"It would be a big deal," said City Councilor Mark Capell.
Capell was referencing the prospect of Nike expanding to Central Oregon, a possibility floated by Sen.-elect Tim Knopp during a Dec. 19 City Council session.
"We're in contact with folks from Nike," said Knopp.
Nike, which has been doing business in Oregon for nearly 50 years, recently began looking for a spot to expand after a deal brokered with the Oregon Legislature. The multinational sportswear giant had considered leaving the state, but Gov. John Kitzhaber and state legislators granted Nike a tax deal in exchange for jobs.
Kitzhaber signed off on an agreement that would lock in Nike's current tax structure for 30 years, and, in exchange, Nike must invest $150 million in a capital project that will produce at least 500 jobs. Nike relayed to Kitzhaber that the planned expansion would result in 12,000 jobs.
Now representatives of Central Oregon are hoping the Beaverton-based corporation picks Bend as the ideal place to expand.
Knopp told the Source this week that Nike is currently creating a list of what it's looking for in a location. Once Nike releases that information, the Bend City Council and other regional reps will be able to put together an appropriate proposal.
"We'll be back in touch with them shortly," Knopp added.
As glamorous as a Nike facility in Bend sounds, the prospect is most likely a long shot.
"Our intel tells us that there's a high probability that this will end up in the Portland Metro area," said Roger Lee, executive director of Economic Development for Central Oregon. "But we pursue these long shots as well."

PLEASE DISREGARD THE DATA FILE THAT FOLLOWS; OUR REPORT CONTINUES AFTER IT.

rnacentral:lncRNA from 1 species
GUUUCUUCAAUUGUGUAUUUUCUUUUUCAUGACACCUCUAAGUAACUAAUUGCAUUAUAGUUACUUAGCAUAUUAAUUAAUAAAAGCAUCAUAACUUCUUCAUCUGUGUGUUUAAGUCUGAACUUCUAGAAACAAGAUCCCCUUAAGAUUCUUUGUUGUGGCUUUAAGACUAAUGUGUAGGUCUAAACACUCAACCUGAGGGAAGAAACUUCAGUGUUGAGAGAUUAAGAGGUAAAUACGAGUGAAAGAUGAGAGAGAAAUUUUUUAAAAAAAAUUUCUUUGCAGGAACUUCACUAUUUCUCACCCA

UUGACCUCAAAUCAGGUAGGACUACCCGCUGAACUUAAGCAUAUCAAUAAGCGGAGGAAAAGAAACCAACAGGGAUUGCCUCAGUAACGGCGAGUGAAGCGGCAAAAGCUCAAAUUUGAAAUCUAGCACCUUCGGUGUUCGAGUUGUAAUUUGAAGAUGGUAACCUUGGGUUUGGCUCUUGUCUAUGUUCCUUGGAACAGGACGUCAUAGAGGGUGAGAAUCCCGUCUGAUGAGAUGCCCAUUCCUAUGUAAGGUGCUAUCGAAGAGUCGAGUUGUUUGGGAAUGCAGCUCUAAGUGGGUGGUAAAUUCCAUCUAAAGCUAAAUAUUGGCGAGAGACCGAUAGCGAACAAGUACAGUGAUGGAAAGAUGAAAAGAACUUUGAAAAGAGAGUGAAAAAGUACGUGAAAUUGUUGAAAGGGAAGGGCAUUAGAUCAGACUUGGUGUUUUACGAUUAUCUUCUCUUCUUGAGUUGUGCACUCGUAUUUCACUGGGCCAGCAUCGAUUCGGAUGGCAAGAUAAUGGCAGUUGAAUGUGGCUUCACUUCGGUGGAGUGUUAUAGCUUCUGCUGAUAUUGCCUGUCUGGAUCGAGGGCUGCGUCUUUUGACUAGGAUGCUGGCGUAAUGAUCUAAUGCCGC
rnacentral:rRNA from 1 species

We checked in with a number of other area leaders to vet just how much of a shot Bend's got.
City of Bend Business Advocate Carolyn Eagan said she has not been in touch with Nike but luring them to Central Oregon is "definitely on my radar."
Bend City Manager Eric King said without a port or major freeway, Central Oregon may appear less attractive than the Portland area. But a Nike facility in Bend would certainly provide a positive charge for Central Oregon's economy.
EDCO reports that as of July 2012 (the latest poll), Deschutes County's unemployment rate was 10.7 percent—nearly two percentage points lower than the national average during the same period.
"There's a few hundred jobs that they [Nike] would bring, so that could be a huge boost for the local economy," King said.
Nike or no, King said Central Oregon will continue to attract large employers to the area.
"We already have a good entrepreneurial climate, with start lots of small start ups, but we don't have the larger types," added King.
Through initiatives like Trip 97, a collaborative effort among city, county and state officials that seeks to improve Highway 97, King hopes to make Central Oregon more alluring to big business.
"We need to do a better job of managing that asset," King said of Highway 97, "Central Oregon's economic lifeline."
In the meantime, city officials said they're not giving up on Nike yet.
"It's a long shot, but we're taking the shot," Capell said.